Definition of obfuscate
1a : to throw into shadow : darkenb : to make obscure obfuscate the issue officials who … continue to obscure and obfuscate what happened — Mary Carroll
2 : confuse obfuscate the reader
: to be evasive, unclear, or confusing The suspect often obfuscated during the interrogation.
obfuscationplay \ˌäb-(ˌ)fə-ˈskā-shən\ noun
obfuscatoryplay \äb-ˈfə-skə-ˌtȯr-ē, əb-\ adjective
obfuscate was our Word of the Day on 11/17/2016. Hear the podcast!
Examples of obfuscate in a Sentence
Politicians keep obfuscating the issues.
Their explanations only serve to obfuscate and confuse.
Recent Examples of obfuscate from the Web
Yes, Trump can delay, prevaricate, obfuscate, annoy and even shut down federal science.
The investigation report depicts the board as almost entirely supine as Stumpf and his management team obfuscated and tried to explain away emerging information about the bogus account scandal—some of which cropped up even before The Times’ article.
Has the Trump Administration taken any steps to obfuscate alleged contacts with Russian representatives?
Rather than own up when the fraud was revealed, VW obfuscated and lied.
Faced with more damning evidence, the industry will obfuscate rather than enlighten.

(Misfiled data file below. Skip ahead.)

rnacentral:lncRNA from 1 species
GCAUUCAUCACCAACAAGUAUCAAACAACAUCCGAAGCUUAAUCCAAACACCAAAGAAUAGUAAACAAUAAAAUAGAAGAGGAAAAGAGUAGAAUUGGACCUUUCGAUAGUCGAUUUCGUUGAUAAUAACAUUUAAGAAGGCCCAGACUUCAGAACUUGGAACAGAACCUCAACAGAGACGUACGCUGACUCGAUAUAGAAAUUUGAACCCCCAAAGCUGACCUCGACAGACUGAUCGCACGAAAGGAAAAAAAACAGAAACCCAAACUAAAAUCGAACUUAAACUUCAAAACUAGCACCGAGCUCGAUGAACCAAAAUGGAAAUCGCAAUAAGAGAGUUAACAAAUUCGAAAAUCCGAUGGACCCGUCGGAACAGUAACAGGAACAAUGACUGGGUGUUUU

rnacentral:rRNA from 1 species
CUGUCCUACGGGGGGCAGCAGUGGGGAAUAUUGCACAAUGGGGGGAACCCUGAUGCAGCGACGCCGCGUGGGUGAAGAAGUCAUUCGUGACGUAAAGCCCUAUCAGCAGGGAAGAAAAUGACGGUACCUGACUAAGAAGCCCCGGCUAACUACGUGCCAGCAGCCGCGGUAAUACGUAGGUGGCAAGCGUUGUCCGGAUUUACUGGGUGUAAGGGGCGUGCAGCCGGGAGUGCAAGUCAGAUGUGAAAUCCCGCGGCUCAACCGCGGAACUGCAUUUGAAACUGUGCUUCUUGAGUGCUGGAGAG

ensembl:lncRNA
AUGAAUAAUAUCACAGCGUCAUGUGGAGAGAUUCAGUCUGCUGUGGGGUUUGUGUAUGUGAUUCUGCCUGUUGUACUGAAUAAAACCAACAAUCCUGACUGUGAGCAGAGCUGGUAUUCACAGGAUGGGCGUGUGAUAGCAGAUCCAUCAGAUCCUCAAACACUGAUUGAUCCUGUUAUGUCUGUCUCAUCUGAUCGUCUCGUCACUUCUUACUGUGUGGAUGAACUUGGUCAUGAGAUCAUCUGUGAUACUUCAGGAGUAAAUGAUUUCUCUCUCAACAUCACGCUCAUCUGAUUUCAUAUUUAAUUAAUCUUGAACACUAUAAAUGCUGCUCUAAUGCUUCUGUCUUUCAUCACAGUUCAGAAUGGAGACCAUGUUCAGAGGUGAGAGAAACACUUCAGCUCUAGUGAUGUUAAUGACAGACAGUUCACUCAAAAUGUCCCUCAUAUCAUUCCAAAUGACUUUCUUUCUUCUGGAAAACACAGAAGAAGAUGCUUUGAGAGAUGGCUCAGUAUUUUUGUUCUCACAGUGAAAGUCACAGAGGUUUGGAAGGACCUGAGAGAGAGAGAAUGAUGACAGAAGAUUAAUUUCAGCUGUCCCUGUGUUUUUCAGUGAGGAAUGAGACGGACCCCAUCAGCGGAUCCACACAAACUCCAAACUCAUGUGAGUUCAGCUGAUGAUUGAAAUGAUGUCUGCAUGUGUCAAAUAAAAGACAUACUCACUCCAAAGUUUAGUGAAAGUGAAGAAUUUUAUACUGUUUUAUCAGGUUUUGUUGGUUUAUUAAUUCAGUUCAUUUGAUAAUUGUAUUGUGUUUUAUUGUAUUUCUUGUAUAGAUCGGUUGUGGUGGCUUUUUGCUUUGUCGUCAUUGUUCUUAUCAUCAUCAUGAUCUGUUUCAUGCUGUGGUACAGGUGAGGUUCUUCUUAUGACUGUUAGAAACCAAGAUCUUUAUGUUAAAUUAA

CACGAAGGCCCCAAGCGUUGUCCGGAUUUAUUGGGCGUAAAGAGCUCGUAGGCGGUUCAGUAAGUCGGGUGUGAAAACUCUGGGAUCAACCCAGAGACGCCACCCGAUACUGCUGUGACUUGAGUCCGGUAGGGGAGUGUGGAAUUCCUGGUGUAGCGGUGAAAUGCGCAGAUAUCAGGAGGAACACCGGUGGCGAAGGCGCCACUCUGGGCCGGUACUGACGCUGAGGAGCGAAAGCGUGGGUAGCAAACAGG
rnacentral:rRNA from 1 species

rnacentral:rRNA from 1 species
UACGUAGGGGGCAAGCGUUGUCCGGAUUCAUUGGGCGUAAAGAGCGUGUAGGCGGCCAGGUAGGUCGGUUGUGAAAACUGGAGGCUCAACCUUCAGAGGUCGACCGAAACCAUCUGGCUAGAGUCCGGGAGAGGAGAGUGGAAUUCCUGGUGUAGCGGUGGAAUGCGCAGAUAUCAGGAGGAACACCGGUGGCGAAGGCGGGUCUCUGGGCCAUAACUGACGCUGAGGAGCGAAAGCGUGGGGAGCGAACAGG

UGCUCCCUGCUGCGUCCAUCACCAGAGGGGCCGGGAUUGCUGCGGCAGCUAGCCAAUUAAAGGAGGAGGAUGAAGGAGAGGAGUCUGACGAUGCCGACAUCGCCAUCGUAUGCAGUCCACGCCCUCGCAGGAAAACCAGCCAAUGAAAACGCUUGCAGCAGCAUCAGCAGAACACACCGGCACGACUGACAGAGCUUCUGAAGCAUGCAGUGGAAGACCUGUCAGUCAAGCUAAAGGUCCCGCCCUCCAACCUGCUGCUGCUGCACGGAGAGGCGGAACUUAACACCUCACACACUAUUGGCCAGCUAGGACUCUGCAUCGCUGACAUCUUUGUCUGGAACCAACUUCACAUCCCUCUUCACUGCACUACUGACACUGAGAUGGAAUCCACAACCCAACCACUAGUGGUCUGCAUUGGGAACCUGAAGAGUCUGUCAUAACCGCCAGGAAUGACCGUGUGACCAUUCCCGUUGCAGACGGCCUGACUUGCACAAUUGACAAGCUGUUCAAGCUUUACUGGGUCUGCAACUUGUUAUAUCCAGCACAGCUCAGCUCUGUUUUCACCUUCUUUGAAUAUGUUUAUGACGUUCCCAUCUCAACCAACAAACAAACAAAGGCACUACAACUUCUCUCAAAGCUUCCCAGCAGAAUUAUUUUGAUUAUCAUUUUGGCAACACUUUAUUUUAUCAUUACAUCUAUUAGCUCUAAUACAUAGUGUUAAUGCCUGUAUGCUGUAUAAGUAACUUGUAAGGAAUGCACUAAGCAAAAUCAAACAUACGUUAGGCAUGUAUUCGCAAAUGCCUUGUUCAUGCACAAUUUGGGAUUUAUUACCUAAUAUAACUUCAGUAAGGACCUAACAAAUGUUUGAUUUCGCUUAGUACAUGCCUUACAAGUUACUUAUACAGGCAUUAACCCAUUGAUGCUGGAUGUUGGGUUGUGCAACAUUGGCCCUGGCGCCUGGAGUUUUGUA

Mr. Saverin says the legal wrangling by Mr. Mattes is a diversion meant to obfuscate the alleged wrongdoing regarding those transactions.
That system would eliminate the fractious nature of the health-care system that obfuscates price and often makes competition meaningless or even occasionally increases costs.
A.P.: This question raises an important issue concerning displacement: the way in which structural and historical violence is obfuscated by pointing the finger of blame somewhere else.
These example sentences are selected automatically from various online news sources to reflect current usage of the word 'obfuscate'. Views expressed in the examples do not represent the opinion of Merriam-Webster or its editors. Send us feedback.
Did You Know?
To obfuscate something means to make it so that it isn't clear or transparent, much like dirty water makes it hard to see to the bottom of a pond. The verb shares its ob- root (meaning "over, completely") with obscure, another word that can refer to the act of concealing something or making it more difficult to see or understand. The rest of obfuscate comes from Latin fuscus, which means "dark brown" and is distantly related to our word dusk.
OBFUSCATE Defined for English Language Learners
Definition of obfuscate for English Language Learners
: to make (something) more difficult to understand
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